I’d venture to say it’s about what really matters to us–someone’s actions or someone’s heart. People’s actions will often offend us, and if we leave it at that and refuse to dig deeper, that’s all we’ll see in life: violence, sex, drugs, porn, vulgarity, sin, sin, sin!

Yes, the enemy came to steal, kill, and destroy, and we should be on the defensive against him, but not against people who are different than us. Jesus came to bring full, abundant life. He came to bring redemption for “our” criticism and “their” confusion. He came to beautify people with salvation, not thrash them for petty choices of dress and wordage.

No, I’m not discounting modesty or respect. Good, honourable, desirable qualities, both. I’m simply asking you too look deeper. I’m asking you to consider a different code of behaviour than the list of Dos and Don’ts you grew up with. I’m suggesting that God looks at the heart, and seeks to make changes from the inside out.

Will you be like him?

Rumours of God

Those that have any knowledge of the Good Book know that every time the word “church” is used, it is in reference to the group of people that have decided to gather for the purpose of following God together, and never to buildings or customs used by said people. It never used to imply a set of rules or expectations. Condemnation wasn’t an original side effect.

I was one of those people that used to think that if you didn’t go to a certain church, or if you didn’t go to church every Sunday, your salvation was called into question. I used to be one of those that would have told you to go to the Pentecostal church in order to be a “real Christian”. I used to think that it was more important for me to be in church twice on Sundays than to ask God if there was anything specific he’d like me to do that day.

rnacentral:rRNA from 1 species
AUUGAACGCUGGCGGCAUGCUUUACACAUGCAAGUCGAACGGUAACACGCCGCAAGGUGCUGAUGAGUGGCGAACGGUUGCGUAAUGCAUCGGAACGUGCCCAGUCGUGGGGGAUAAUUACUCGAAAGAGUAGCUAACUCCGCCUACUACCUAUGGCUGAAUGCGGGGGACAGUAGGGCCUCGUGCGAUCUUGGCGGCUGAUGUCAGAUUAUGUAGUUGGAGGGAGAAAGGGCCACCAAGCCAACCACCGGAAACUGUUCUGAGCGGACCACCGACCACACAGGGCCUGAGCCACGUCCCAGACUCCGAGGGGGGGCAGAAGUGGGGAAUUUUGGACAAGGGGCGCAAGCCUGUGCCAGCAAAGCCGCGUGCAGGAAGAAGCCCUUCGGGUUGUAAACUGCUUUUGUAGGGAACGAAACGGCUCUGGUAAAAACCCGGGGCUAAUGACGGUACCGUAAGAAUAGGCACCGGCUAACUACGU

I’ve heard that my church used to have a Rule Book which listed guidelines for good Pentecostal behaviour. No, I haven’t been fortunate enough to actually see one… I’ve only heard about it, as I said, from someone who has. Movie-going was frowned upon, as was walking on the same side of the street as the movie theatre (sinner! You know you’ve broken that rule!). Apparently church-goers were discouraged from eating in the church on Sundays, because it was the House of the Lord and should be respected for its holy significance. We all know eating is a fleshly indulgence and disgraces the creator of both food and our digestive systems! If women wore pants, their salvation was in question.